• Kids’ Club: Children ages five and up celebrate the 50th anniversary of Harriet the Spy through reading from the book, decorating a spy notebook, and more on Wednesday, November 5, at 4 p.m. at the Jamaica Plain Branch, located at 12 Sedgwick Street.
  • BPL staff member John DeVito speaks about how the legacy of Jackie Kennedy lives on 20 years after her death on Thursday, November 6, at 6:30 p.m. at the West End Branch, located at 151 Cambridge Street.
  • Read more »

Meet Monica Shin, Digital Projects Librarian

Posted on October 10th, 2014 by admin in General
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Monica ShinAs a digital projects librarian, Monica identifies and links digital images to information that makes them more searchable in a digital setting, which supports the Access and Innovation principle of the Compass strategic plan that focuses on the library leading in digitization practices. She works to catalog the more than 95,000 images on the BPL’s Flickr site for all users to enjoy.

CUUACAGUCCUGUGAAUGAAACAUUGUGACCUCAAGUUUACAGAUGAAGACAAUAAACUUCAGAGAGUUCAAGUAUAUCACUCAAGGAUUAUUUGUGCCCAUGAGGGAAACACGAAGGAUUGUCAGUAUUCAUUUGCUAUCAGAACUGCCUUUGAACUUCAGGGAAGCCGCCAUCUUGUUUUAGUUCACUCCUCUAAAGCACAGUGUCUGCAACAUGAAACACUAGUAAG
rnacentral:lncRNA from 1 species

Do you have a favorite collection on Flickr?

We work with many collections, but I’d say my favorite is a collection by Leslie Jones, which has about 30,000 images. His sports photography from the 1930s and 1940s is amazing, and the collection itself is an archive of life as it was happening during that time period. He also gave many personal photos, which show his family on vacation, for example, and others that are beautifully created from a photography perspective.

What is the best part about working for the library?

I enjoy working with and digitizing older items from our collection that haven’t seen the light of day in a long time; whether they are in the stacks or parts of the library that the general public doesn’t get to see very often. We pull out things that our colleague curators find interesting and then get to expose them to the world, which is awesome. It helps cement the BPL presence as a research library and one that shares its treasures with everyone.